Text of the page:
I've yet to work out why we/they need a scale like BMI at all, to work out if someone is overweight (and therefore worthy of being concerned about their health and potential issues they may face - which is a whole other debate). Surely doctors can just tell by looking at us? I just can't work out why GPs are still chucking our BMIs in our faces constantly? What do they even imagine it does?

Don't get me wrong, this rant isn't about my weight at all. It's about the fact that in a two minute appointment, my GP randomly told me my BMI, and what I'd have to do to be in the healthy BMI range. Who is telling her to do this? Why do they think it is a valid thing to say? 

I am fully aware that people who carry more weight than me, deal with this nonsense with almost every medical professional that they meet. That it is common for every ailment they bring to a doctor ends with a discussion about their weight, and the apparent revelation that they are deemed obese. I am sharing my experience as it angered me, but I aware that for many people this is a constant, and even more stupid issue than my two minutes with my GP.

Chucking someone's BMI at them is at best pointless and silly, and at worst harmful and damaging.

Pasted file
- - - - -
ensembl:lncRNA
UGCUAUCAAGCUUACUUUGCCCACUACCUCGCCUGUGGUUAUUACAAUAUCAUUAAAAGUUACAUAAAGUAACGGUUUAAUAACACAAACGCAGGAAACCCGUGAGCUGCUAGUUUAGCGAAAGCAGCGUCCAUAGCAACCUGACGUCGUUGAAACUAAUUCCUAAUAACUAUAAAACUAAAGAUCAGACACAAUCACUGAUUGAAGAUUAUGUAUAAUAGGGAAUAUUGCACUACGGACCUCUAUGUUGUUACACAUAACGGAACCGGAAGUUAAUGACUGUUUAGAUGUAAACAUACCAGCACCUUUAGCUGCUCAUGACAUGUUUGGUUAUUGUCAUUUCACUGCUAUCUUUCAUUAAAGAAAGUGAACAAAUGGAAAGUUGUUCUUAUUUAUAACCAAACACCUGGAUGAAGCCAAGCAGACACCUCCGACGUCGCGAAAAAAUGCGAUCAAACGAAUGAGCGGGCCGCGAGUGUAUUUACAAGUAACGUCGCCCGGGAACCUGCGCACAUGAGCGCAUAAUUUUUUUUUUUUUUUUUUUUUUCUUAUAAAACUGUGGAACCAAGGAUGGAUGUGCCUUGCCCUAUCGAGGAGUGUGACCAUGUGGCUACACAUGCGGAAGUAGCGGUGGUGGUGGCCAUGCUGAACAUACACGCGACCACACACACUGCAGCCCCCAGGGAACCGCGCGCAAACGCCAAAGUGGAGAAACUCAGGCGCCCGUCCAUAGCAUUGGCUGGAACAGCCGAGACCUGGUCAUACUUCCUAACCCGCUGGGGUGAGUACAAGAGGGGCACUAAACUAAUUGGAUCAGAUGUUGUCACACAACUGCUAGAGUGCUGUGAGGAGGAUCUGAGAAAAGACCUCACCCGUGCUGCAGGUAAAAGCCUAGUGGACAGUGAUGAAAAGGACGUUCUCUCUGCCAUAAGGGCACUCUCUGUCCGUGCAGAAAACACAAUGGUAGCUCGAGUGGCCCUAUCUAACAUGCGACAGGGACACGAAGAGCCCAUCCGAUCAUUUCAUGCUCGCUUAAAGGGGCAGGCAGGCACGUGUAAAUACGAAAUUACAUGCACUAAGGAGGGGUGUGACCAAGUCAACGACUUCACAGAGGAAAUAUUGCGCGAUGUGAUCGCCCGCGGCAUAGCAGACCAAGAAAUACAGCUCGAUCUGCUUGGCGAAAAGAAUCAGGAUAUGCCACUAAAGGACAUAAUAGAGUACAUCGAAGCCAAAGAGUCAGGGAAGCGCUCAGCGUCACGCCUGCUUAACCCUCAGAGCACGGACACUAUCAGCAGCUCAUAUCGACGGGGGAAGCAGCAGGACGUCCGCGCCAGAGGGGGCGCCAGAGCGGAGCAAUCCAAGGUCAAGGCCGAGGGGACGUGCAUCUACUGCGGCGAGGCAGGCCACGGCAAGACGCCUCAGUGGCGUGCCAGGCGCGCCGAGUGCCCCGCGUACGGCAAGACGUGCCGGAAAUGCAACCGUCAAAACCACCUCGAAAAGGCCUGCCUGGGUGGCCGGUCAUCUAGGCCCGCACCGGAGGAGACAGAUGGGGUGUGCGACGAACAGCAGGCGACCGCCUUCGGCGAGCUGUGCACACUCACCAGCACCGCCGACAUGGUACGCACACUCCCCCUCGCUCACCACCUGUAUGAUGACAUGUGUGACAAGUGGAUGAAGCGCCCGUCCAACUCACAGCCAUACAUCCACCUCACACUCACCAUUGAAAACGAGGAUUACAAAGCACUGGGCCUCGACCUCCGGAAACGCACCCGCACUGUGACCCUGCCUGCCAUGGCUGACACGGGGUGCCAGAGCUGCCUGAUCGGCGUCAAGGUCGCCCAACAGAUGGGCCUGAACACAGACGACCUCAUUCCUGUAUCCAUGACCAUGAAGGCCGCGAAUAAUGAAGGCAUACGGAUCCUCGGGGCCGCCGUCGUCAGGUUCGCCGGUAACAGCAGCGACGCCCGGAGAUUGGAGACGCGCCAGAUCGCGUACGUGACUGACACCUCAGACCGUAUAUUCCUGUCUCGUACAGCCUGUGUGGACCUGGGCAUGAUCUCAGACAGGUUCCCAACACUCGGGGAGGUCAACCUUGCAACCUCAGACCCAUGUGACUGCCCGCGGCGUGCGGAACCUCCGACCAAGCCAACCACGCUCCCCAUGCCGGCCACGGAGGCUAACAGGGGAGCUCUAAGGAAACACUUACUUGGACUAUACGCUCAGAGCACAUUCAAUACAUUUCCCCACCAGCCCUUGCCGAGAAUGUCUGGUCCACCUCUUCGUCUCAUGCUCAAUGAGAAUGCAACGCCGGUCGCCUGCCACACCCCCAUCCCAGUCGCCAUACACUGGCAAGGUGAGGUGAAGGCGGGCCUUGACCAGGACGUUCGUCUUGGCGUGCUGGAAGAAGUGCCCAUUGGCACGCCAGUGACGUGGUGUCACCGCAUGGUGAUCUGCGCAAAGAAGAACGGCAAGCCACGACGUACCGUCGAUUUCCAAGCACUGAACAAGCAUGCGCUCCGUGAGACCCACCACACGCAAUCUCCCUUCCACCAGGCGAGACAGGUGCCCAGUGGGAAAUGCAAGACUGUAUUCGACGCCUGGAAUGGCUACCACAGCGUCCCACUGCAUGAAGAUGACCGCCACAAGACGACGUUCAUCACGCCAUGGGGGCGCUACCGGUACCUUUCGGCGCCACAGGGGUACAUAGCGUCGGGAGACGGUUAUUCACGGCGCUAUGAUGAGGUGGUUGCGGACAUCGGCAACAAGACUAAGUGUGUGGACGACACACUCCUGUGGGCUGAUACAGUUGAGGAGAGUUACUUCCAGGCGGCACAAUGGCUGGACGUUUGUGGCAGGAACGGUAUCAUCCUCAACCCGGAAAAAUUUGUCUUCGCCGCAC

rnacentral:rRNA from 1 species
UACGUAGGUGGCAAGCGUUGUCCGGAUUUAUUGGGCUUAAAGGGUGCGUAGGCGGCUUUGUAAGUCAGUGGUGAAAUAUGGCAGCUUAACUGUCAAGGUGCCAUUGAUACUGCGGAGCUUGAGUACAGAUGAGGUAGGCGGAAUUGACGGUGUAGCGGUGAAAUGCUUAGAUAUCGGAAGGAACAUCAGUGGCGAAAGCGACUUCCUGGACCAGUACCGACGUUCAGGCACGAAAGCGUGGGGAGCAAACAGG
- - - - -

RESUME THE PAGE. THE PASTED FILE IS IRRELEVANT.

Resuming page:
I spent over £700 on a PT....was it worth it?

what is a personal trainer like

I shared my experience of having 10 sessions with a PT after having a personal trainer for 5 weeks, and now I've reached month 4, I'm back to update my experience 24 sessions later.

At the beginning of January I signed up with a PT. I'd fallen off the fitness wagon, and just lost my confidence with it. I really missed feeling strong, and most of my clothing didn't fit anymore, but I was just struggling to get into the mindspace on my own to return. 

I started with 2 half-hour sessions a week, which over time, dropped down to one session a week, as I added in other fitness activities (I joined a running club, and started going to my gym again). Its now the end of April, and in total I had 24 sessions with my PT, at a cost of over £700. Was it worth it?

After 10 sessions I'd learnt the following:

1. Exercise should feel hard. That's the point of it (if you want to change your body).

2. Target all muscles, not just your favourite ones!

3. It's absolutely part of the process to attempt and fail certain moves. The attempts are the exercise.

Do I have anything more to add, now I'm 24 sessions in? So much of exercise if about your mind, but at the same time, if you waited to 'feel like it', we'd never achieve much at all. I've learned the power of grit, and commitment. That I just need to make sure I keep turning up. I've learned that I can push my body pretty hard, and that's all that matters. It doesn't matter if the person next to me is performing the move better/faster, all that matters is that I'm pushing hard. That's what exercise is, and no matter how fit everyone is in the room, we should all be feeling that it's hard. That we're all pushing hard. That's the point.